Some caregivers reported seeing improvements in their children's schoolwork and behaviour at school.
The HILDA Survey suggests single-parent households on Australia are abandoning formal childcare as they face greater poverty rates.
Even after the changes in the budget the financial penalty facing mothers who work reaches 80%. And the changes are temporary.
The COVID-19 pandemic risks making Canada's already woeful record on child welfare worse. To safeguard a future for our children, governments must prioritize their care.
After the generation of extra jobs and economic activity, it would cost the government only one-fifth of what it spent on it.
Labor's proposed childcare measure would result in thousands of dollars saved per year. And it will make it affordable for parents who want to work more while accessing childcare.
In Opposition leader Anthony Albanese's budget reply, he spoke of a $20 billion plan to modernise Australia's electricity grid, and an extra $6.2 billion over four years for affordable childcare.
More than 1 in 5 college students are parents, and many struggle to find on-campus housing. Colleges offering a stable place to live on campus can help them succeed.
Parents can find it difficult to choose a childcare service, given the plethora of types on offer. Here are three of the most well-known alternative educational philosophies explained.
A new report shows out of 1 million students enrolled in all Victorian schools, only 337 may have acquired the virus through outbreaks at school.
Whether families actually save anything at all depends entirely on where they live, and what provider they use.
COVID-19 has spotlighted structural injustice inherent in child care in Canada. Organizational leaders have a responsibility to work together, with child care stakeholders, to redress this injustice.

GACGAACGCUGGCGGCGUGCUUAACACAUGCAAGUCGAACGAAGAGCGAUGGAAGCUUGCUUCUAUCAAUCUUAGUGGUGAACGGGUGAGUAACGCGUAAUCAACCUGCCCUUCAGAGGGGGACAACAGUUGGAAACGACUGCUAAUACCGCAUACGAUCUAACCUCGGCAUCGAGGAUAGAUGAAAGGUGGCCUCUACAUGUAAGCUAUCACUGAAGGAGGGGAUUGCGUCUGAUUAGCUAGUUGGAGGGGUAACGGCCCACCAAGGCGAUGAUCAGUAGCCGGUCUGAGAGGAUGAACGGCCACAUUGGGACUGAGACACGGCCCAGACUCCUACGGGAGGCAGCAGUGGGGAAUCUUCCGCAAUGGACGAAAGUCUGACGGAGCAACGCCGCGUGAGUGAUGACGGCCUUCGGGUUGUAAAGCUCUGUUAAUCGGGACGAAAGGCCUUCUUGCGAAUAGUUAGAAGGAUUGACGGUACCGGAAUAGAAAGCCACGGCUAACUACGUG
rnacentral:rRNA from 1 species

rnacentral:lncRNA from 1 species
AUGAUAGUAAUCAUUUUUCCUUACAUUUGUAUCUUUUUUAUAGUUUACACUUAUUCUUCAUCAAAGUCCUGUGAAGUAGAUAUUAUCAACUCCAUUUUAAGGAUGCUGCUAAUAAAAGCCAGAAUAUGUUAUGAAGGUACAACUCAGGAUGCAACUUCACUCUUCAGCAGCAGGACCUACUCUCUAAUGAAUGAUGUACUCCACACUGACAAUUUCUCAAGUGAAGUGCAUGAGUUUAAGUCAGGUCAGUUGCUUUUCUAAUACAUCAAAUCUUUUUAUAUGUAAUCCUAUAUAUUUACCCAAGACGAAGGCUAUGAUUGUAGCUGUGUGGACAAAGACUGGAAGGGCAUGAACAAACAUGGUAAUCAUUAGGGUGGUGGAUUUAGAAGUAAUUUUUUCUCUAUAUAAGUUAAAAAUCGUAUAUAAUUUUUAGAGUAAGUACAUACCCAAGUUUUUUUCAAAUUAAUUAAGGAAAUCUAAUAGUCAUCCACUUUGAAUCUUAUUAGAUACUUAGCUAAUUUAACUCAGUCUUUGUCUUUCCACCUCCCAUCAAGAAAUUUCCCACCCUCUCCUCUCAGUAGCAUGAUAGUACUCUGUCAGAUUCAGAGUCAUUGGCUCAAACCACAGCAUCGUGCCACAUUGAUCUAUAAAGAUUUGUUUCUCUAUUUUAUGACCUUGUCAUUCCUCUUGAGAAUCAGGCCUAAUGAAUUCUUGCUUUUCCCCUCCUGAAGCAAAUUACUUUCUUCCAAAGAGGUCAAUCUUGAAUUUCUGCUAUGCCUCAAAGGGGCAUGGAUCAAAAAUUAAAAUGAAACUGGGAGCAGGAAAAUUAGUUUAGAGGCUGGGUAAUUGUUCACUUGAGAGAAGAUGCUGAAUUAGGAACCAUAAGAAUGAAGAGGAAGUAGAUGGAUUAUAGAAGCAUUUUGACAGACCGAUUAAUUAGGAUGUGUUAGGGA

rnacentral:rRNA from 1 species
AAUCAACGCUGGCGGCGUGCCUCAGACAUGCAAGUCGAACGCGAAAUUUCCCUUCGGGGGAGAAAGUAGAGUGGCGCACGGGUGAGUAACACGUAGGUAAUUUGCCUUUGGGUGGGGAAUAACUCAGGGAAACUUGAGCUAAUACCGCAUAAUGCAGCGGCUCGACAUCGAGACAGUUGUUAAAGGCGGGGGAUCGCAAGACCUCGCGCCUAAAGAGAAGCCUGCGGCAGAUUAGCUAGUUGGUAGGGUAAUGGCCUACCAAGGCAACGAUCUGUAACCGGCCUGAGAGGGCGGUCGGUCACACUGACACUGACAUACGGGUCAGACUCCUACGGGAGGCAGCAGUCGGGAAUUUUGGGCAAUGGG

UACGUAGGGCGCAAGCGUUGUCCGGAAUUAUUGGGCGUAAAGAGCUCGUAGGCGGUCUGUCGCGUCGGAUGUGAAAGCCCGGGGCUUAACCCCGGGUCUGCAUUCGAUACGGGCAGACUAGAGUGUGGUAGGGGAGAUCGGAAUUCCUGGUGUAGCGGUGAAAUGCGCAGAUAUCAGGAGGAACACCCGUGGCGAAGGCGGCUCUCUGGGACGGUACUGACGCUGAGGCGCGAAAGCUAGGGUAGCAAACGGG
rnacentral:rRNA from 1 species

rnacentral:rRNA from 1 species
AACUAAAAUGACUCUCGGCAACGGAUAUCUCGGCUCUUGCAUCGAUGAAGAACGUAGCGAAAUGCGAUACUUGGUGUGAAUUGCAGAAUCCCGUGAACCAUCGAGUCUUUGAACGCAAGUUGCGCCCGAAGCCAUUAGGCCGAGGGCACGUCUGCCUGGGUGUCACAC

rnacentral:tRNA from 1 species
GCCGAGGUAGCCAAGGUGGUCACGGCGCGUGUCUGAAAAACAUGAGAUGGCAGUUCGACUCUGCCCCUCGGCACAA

Victoria's closure of child-care services may be necessary, but it will put pressures on parents and likely drive down women's workforce participation.
Canadian fathers increased their share of work at home — in housework and in child care — in the early days of the pandemic as work and routines put pressures on the family.
For US parents, the health, economic and social crisis the COVID-19 pandemic brought about is compounded by the difficult if not impossible task of working, caring for and educating kids.
In about two in three US families with two parents, both are working or looking for a job. That makes caring for kids when schools and day care providers are closed hard if not impossible.
As Canada responds to the pandemic, there is a risk that women who lead businesses will lose the traction they have gained on gender and diversity.
As child-care centres start to reopen after the coronavirus disruption, planning needs to include disabled children so as not to further exacerbate existing inequities.
Canada could emerge from this pandemic with a better quality, expanded and more efficient child-care system nationwide while making an investment with returns in the future.
A scholar and mother of a young child who is now working at home explores what's called the 'work-family conflict' – and finds that's the wrong label for the impossible choices faced by parents.